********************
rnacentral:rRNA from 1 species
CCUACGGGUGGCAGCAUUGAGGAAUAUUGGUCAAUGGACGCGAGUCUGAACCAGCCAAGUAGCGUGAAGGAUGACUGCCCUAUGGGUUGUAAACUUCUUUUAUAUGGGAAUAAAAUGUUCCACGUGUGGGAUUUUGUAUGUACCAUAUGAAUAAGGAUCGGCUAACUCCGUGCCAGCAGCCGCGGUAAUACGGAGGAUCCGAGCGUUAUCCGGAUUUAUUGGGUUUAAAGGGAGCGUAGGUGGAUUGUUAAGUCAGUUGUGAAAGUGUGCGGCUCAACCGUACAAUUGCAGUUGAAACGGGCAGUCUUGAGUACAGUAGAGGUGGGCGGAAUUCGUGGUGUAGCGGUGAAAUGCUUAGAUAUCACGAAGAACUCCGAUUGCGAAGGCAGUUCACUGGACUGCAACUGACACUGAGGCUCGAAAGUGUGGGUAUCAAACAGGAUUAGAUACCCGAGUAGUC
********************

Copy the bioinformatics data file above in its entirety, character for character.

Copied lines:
rnacentral:rRNA from 1 species
CCUACGGGUGGCAGCAUUGAGGAAUAUUGGUCAAUGGACGCGAGUCUGAACCAGCCAAGUAGCGUGAAGGAUGACUGCCCUAUGGGUUGUAAACUUCUUUUAUAUGGGAAUAAAAUGUUCCACGUGUGGGAUUUUGUAUGUACCAUAUGAAUAAGGAUCGGCUAACUCCGUGCCAGCAGCCGCGGUAAUACGGAGGAUCCGAGCGUUAUCCGGAUUUAUUGGGUUUAAAGGGAGCGUAGGUGGAUUGUUAAGUCAGUUGUGAAAGUGUGCGGCUCAACCGUACAAUUGCAGUUGAAACGGGCAGUCUUGAGUACAGUAGAGGUGGGCGGAAUUCGUGGUGUAGCGGUGAAAUGCUUAGAUAUCACGAAGAACUCCGAUUGCGAAGGCAGUUCACUGGACUGCAACUGACACUGAGGCUCGAAAGUGUGGGUAUCAAACAGGAUUAGAUACCCGAGUAGUC